Kittiwakes upon the Tyne

The Furthest Inland Breeding Colonies of Kittiwakes in the World

Home Tyne Kittiwakes – Latest News

 

This page features a series of developments and discussion items related to the breeding population of Kittiwakes along the River Tyne.   

Any progress is also summarised and presented on the » Colonies pages,
at the end of every season. 

If you would like to contribute to the story of the Tyne Kittiwakes section please » Contact Us or you can send us a message on » Twitter or » Facebook  

Kittiwakes upon the Tyne was set up back in 2018, following the events that year where over two dozen Kittiwakes became TRAPPED or were INJURED because of anti-bird deterrents on Newcastle Quayside.  

We remain an independent VOICE and we continue to help raise awareness and support ongoing monitoring every year.  All help us always very much appreciated. 

» Facebook group was started January 2021 and provides an opportunity for discussion and features some exclusive updates.  

There also continues to be a very popular » Twitter account which was launched from 2018 from @kittiwakestyne


 

Green & Red Flagged Sites
The status of Tyne Kittiwake colonies along the River Tyne

 

Do not DESTROY my home then ASK why I wander into yours”. 

Tyne Kittiwakes are coming more into our towns and cities to build their nests. Our climate is changing. Temperatures are rising and the world is experiencing weather patterns which are more intense; and these are starting to occur more frequently. Coastal Kittiwake colonies are very much exposed to severe storms, especially those which involve strong winds and higher levels of rainfall.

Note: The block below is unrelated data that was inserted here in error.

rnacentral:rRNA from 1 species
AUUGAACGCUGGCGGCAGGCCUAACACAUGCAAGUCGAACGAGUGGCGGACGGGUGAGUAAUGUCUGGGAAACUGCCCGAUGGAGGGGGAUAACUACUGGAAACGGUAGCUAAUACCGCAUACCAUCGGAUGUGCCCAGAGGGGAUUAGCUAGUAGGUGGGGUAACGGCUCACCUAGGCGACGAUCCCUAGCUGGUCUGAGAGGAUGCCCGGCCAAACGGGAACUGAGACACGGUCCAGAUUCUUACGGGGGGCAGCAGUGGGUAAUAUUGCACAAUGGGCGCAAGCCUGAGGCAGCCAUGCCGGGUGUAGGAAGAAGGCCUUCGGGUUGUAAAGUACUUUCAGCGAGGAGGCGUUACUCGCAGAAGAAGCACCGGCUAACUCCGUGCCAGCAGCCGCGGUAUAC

Our seas are also being flooded with man made pollution, as is the sky with air pollution. We produce so much waste, much of it buried. There are two voices to the audience of the Tyne Kittiwakes. those that show empathy, and those that don’t like their noise or mess! ; but when compared to humans? and not even mentioned light or noise pollution.

The future sustainability of the Kittiwakes colonies will also very much depend on campaigning to reduce air and sea pollution as well as their access for tasty food like Sand Eeels.

Supporting larger organisations like local » Wildlife Trusts and
» RSPB are important to help with these larger issues, that are not only the larger reason behind what is happening; but in the end, will be essential for even urban inland colonies like the Tyne Kittiwakes. i.e. access to food and the need for less pollution.

Big news for seabirds as campaign to close the English North Sea
and Scottish waters to sandeel fishing succeeds.”  » Read More

The recent success with the work from the RSPB with protecting remaining North Sea Sand Eeels needs to be recognised.  And what are the origins of Avian flu? Changes require at times a louder, stronger voice, if you can please also join the RSPB and local Wildlife Trust to help with these larger issues, which in the end will make a REAL difference to seabirds like the Tyne Kittiwakes.  All seabirds and marine life need YOUR help.
 

Avian Influenza

Coastal colonies of seabirds experienced a wave of Avian Influenza during Twenty-22/23. This remains a major concern, especially as seabird populations have been declining rapidly in recent years due to overfishing and our changing climate.  The inland Tyne Kittiwake colonies remained largely healthy.  

To learn more about Avian Influenza please visit the BTO website.

The British Trust for Ornithology (BTO) – Avian Influenza

 

 

Kittiwakes from Coquet Island  in Northumberland by Hannah Young